The sketchines of the details and dates were only rivaled by the sketchiness of our chariot—a mid-2000’s Ford Freestyle they acquired in Colorado for the meager sum of $600. The Freestyle was then willed across the plains to Birmingham, and onto my door in Asheville where Jay, Nick, and Robbie piled out of the American-made automotive dodo bird. Jay, Nick and I had shared exploits on various ends of the time and space continuum. Robbie and I had never crossed paths, but we fell into a rhythm that felt at once familiar, strange, and sticky, like my favorite magazine. I quickly learned his title of Head Pig Farm “Critter Gitter” was not in name only. Robbie’s eyes darted to and fro any time we found ourselves in a critter-rich environment. I heard him verbally assault an alligator. The alligator was told he was lucky he was on the other side of the creek, or else he would’ve gotten got.
The sheer knowledge of Sasquatch alone contained within this worn group of men resembled the heady days of the fifties when Ginsburg and Kerouac were beginning their jaunt down the path to awesome shit. Before we hit the road to Florida, there was the pesky business of hosting a karaoke fly tying night. Announcements were made then retracted as locations were fleeting, until they settled on the dive bar beneath my office the day before the event. Chaos and string theory proved correct when it went off without a hitch. Well, besides the fight. Once hands were pried from throats, the evening was really quite pleasant. Carly Simon tunes were sung poorly with great frequency, and flies were tied by folks who had never before sat in front of a vice. Usually a fly tying event announced the day before warrants a showing of about three people. Pig Farm on the other hand is a living, breathing, drinking example of, ”If you bring the fun, the people will come.”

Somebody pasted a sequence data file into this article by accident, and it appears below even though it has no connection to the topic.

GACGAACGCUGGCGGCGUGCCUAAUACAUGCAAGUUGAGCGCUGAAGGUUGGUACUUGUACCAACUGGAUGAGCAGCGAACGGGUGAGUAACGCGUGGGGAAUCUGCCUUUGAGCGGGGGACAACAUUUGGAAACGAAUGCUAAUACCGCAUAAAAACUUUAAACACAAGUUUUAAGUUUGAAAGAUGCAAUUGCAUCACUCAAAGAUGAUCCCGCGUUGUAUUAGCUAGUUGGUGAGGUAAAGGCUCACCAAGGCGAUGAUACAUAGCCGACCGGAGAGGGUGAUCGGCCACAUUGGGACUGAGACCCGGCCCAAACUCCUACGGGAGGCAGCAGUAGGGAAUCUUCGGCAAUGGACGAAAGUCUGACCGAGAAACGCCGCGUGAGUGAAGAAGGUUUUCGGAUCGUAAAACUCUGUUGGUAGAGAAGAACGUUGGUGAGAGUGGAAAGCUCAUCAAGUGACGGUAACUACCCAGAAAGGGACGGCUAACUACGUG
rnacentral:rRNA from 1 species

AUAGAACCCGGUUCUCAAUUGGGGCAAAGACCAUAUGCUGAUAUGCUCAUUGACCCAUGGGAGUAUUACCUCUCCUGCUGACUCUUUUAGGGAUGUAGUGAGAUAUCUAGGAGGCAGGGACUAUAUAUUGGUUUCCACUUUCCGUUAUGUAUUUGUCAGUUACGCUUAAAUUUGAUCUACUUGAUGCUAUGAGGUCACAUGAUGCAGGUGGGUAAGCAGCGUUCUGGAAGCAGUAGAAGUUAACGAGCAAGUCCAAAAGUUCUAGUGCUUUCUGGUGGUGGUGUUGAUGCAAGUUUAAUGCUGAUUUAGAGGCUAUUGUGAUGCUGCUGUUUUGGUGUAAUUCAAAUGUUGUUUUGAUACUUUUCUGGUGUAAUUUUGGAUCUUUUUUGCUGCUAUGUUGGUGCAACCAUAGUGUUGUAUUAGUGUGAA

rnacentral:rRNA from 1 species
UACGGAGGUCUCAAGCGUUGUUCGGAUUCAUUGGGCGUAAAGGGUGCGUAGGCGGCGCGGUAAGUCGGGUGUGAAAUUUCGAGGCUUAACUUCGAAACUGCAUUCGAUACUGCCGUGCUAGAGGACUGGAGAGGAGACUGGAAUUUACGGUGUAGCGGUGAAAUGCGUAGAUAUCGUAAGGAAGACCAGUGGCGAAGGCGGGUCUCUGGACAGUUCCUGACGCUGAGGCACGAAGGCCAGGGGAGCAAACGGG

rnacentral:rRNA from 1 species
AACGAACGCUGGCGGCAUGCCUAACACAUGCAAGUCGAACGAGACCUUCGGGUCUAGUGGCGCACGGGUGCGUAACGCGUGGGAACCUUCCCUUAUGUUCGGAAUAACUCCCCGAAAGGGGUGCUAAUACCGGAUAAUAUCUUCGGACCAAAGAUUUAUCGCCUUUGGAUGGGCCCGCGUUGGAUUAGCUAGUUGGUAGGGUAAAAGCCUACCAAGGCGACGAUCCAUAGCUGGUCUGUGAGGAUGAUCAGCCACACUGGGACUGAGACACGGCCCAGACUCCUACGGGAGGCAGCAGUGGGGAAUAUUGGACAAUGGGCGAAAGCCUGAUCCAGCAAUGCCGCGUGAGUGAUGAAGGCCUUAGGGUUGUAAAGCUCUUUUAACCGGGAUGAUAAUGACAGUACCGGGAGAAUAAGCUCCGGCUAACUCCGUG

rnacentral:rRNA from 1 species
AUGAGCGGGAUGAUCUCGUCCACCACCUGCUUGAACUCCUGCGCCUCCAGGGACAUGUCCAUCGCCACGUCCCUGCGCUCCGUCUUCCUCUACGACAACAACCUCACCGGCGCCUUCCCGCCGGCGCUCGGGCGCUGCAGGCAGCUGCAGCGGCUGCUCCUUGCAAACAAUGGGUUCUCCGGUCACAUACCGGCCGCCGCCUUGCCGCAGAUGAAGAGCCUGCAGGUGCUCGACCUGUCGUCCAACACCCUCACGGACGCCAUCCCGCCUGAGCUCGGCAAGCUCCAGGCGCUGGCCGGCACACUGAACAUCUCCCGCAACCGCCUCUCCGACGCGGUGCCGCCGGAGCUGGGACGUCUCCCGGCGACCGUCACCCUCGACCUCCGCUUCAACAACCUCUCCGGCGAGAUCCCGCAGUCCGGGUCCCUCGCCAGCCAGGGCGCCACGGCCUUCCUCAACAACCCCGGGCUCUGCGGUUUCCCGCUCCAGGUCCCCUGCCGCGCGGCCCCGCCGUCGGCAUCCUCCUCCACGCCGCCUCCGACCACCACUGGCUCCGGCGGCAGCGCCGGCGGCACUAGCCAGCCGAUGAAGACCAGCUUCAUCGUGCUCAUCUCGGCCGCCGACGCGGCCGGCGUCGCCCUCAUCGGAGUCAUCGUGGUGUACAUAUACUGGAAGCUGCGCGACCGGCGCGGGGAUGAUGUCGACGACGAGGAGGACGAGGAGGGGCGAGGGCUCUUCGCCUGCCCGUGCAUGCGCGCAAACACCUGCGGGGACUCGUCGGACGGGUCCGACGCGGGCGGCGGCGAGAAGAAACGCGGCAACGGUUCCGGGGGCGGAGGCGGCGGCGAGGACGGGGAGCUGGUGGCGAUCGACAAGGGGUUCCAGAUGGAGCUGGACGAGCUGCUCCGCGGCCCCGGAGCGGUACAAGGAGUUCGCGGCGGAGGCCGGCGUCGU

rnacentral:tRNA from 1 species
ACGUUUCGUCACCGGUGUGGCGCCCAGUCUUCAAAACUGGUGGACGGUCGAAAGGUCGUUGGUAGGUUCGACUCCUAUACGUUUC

The next day, riding the high of a successful event, we adjourned to the river—the very frozen river. The fact that we really needed an auger did nothing to bring down our moods. We spent our afternoon throwing rocks at ice shelves from bridges and videotaping elaborate Rube Goldberg human chain reactions. Slingshots, BB guns, and blow darts were the constants, with a shotgunned beer always the first domino to fall. Eventually we found a run open enough to catch one fish. That fish may have legitimized the rest of the time we spent dicking around but to us the day was as it should have been sans fish.